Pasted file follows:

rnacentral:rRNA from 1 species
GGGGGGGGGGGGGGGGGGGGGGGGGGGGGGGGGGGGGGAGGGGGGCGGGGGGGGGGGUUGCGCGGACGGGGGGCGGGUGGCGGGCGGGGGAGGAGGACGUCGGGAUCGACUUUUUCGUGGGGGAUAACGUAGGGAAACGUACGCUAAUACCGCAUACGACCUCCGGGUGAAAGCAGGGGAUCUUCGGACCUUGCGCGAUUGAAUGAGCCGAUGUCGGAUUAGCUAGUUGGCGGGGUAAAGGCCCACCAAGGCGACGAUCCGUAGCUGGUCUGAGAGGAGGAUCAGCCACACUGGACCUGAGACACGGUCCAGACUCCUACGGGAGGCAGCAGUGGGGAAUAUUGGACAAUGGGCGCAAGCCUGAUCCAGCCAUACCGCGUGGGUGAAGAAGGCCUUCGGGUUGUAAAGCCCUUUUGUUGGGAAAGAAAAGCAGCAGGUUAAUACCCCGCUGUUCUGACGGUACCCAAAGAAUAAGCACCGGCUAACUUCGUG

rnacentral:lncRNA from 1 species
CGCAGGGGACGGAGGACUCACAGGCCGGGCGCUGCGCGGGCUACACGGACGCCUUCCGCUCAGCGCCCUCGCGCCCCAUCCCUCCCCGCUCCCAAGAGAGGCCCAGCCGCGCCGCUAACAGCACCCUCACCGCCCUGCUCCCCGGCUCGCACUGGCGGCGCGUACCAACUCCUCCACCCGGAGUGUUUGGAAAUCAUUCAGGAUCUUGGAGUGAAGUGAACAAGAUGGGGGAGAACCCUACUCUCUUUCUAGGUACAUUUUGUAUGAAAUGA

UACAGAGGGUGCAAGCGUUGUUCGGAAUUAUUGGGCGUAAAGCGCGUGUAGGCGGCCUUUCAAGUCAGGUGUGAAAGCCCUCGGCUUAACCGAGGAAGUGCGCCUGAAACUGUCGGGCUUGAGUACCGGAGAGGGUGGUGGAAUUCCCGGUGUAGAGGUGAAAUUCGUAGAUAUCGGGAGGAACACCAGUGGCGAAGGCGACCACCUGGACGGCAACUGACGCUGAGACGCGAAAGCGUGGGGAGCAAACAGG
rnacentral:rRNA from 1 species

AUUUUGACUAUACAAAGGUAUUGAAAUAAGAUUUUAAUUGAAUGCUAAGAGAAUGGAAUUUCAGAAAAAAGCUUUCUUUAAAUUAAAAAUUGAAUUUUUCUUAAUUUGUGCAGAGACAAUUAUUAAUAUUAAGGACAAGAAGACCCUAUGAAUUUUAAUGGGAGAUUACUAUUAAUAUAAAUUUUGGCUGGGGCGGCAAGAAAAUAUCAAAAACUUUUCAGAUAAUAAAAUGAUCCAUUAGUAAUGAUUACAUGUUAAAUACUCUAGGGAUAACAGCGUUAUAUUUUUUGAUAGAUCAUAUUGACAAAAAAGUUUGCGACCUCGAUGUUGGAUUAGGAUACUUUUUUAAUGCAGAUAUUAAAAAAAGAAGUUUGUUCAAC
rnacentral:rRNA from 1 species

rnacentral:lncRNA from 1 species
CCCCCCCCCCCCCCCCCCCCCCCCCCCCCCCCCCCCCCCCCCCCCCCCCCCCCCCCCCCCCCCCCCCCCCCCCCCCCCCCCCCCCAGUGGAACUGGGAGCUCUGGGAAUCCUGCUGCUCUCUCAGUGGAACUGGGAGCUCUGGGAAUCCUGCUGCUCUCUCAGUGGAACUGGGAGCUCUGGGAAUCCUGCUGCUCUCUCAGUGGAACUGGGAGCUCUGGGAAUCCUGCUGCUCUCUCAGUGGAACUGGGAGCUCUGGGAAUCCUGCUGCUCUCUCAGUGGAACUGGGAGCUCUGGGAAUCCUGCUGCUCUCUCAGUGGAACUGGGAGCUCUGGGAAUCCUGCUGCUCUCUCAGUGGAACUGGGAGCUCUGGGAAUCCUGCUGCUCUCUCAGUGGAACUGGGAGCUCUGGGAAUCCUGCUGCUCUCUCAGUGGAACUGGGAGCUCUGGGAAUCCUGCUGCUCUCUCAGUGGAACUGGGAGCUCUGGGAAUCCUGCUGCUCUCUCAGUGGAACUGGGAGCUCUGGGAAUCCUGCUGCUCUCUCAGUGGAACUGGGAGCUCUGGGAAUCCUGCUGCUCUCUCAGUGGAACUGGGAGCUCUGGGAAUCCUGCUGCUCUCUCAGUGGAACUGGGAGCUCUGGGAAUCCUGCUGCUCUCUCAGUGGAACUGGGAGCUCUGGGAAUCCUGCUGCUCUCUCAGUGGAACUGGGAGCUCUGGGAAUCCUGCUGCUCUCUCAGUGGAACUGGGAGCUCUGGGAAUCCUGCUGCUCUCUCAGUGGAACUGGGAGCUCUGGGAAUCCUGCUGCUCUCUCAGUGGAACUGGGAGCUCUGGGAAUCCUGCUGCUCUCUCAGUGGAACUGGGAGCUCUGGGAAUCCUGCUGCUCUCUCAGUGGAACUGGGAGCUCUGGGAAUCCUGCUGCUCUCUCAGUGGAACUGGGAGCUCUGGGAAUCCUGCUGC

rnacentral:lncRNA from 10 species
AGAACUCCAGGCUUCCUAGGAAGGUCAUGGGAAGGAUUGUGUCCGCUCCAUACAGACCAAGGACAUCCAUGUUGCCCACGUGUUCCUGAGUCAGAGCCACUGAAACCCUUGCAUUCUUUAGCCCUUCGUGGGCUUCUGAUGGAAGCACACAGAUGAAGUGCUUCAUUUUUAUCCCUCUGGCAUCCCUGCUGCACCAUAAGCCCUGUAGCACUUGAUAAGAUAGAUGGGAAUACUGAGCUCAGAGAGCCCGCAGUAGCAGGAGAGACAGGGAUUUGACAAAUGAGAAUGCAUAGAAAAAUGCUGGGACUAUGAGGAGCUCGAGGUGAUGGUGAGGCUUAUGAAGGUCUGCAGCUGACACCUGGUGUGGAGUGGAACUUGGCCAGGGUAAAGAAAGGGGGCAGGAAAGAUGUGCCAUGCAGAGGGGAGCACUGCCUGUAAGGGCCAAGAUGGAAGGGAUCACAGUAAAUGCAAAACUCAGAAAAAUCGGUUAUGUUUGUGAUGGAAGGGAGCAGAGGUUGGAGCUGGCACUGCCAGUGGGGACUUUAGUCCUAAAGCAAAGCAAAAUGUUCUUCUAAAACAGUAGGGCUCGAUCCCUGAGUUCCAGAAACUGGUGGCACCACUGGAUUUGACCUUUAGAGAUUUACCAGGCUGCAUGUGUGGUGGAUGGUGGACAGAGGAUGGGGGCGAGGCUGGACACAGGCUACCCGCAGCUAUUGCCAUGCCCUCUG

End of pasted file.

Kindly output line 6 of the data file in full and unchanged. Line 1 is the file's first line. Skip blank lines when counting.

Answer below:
rnacentral:rRNA from 1 species